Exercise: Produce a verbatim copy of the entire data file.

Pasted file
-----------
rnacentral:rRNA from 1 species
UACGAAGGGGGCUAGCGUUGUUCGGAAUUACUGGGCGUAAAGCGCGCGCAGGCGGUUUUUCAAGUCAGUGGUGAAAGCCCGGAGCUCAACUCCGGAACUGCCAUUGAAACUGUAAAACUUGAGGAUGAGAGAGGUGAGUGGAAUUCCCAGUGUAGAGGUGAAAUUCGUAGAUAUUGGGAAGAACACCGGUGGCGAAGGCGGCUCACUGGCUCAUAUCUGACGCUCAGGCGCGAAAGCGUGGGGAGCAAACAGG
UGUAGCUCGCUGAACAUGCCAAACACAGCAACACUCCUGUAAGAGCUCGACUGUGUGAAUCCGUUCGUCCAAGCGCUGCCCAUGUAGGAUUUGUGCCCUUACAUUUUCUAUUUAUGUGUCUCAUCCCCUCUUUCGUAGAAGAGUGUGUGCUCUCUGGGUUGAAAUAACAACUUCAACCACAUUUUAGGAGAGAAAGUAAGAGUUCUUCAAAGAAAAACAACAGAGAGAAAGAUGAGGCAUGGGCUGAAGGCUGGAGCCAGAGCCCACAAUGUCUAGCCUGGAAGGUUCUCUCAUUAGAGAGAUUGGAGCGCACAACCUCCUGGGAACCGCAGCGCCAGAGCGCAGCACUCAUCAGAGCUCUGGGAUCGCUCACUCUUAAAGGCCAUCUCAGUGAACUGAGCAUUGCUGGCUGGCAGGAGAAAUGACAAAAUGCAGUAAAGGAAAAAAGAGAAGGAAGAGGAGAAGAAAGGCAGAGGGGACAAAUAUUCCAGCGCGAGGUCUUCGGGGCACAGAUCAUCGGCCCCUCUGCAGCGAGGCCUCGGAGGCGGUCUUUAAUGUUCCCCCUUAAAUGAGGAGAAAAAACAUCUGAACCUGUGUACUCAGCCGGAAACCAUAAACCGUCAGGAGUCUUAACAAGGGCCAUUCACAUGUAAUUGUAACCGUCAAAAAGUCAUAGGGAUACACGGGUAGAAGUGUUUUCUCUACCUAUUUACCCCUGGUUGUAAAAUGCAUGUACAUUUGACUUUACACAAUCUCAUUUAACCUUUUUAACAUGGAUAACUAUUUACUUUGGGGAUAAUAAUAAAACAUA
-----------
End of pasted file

rnacentral:rRNA from 1 species
UACGAAGGGGGCUAGCGUUGUUCGGAAUUACUGGGCGUAAAGCGCGCGCAGGCGGUUUUUCAAGUCAGUGGUGAAAGCCCGGAGCUCAACUCCGGAACUGCCAUUGAAACUGUAAAACUUGAGGAUGAGAGAGGUGAGUGGAAUUCCCAGUGUAGAGGUGAAAUUCGUAGAUAUUGGGAAGAACACCGGUGGCGAAGGCGGCUCACUGGCUCAUAUCUGACGCUCAGGCGCGAAAGCGUGGGGAGCAAACAGG
UGUAGCUCGCUGAACAUGCCAAACACAGCAACACUCCUGUAAGAGCUCGACUGUGUGAAUCCGUUCGUCCAAGCGCUGCCCAUGUAGGAUUUGUGCCCUUACAUUUUCUAUUUAUGUGUCUCAUCCCCUCUUUCGUAGAAGAGUGUGUGCUCUCUGGGUUGAAAUAACAACUUCAACCACAUUUUAGGAGAGAAAGUAAGAGUUCUUCAAAGAAAAACAACAGAGAGAAAGAUGAGGCAUGGGCUGAAGGCUGGAGCCAGAGCCCACAAUGUCUAGCCUGGAAGGUUCUCUCAUUAGAGAGAUUGGAGCGCACAACCUCCUGGGAACCGCAGCGCCAGAGCGCAGCACUCAUCAGAGCUCUGGGAUCGCUCACUCUUAAAGGCCAUCUCAGUGAACUGAGCAUUGCUGGCUGGCAGGAGAAAUGACAAAAUGCAGUAAAGGAAAAAAGAGAAGGAAGAGGAGAAGAAAGGCAGAGGGGACAAAUAUUCCAGCGCGAGGUCUUCGGGGCACAGAUCAUCGGCCCCUCUGCAGCGAGGCCUCGGAGGCGGUCUUUAAUGUUCCCCCUUAAAUGAGGAGAAAAAACAUCUGAACCUGUGUACUCAGCCGGAAACCAUAAACCGUCAGGAGUCUUAACAAGGGCCAUUCACAUGUAAUUGUAACCGUCAAAAAGUCAUAGGGAUACACGGGUAGAAGUGUUUUCUCUACCUAUUUACCCCUGGUUGUAAAAUGCAUGUACAUUUGACUUUACACAAUCUCAUUUAACCUUUUUAACAUGGAUAACUAUUUACUUUGGGGAUAAUAAUAAAACAUA